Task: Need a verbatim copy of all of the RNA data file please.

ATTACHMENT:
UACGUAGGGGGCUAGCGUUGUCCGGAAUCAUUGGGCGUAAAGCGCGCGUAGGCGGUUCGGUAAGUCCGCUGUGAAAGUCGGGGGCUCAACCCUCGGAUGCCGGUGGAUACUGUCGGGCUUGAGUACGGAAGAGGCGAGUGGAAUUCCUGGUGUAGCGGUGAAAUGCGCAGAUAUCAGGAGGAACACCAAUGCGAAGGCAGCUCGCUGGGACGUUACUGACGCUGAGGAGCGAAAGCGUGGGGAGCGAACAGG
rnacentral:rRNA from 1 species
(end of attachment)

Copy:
UACGUAGGGGGCUAGCGUUGUCCGGAAUCAUUGGGCGUAAAGCGCGCGUAGGCGGUUCGGUAAGUCCGCUGUGAAAGUCGGGGGCUCAACCCUCGGAUGCCGGUGGAUACUGUCGGGCUUGAGUACGGAAGAGGCGAGUGGAAUUCCUGGUGUAGCGGUGAAAUGCGCAGAUAUCAGGAGGAACACCAAUGCGAAGGCAGCUCGCUGGGACGUUACUGACGCUGAGGAGCGAAAGCGUGGGGAGCGAACAGG
rnacentral:rRNA from 1 species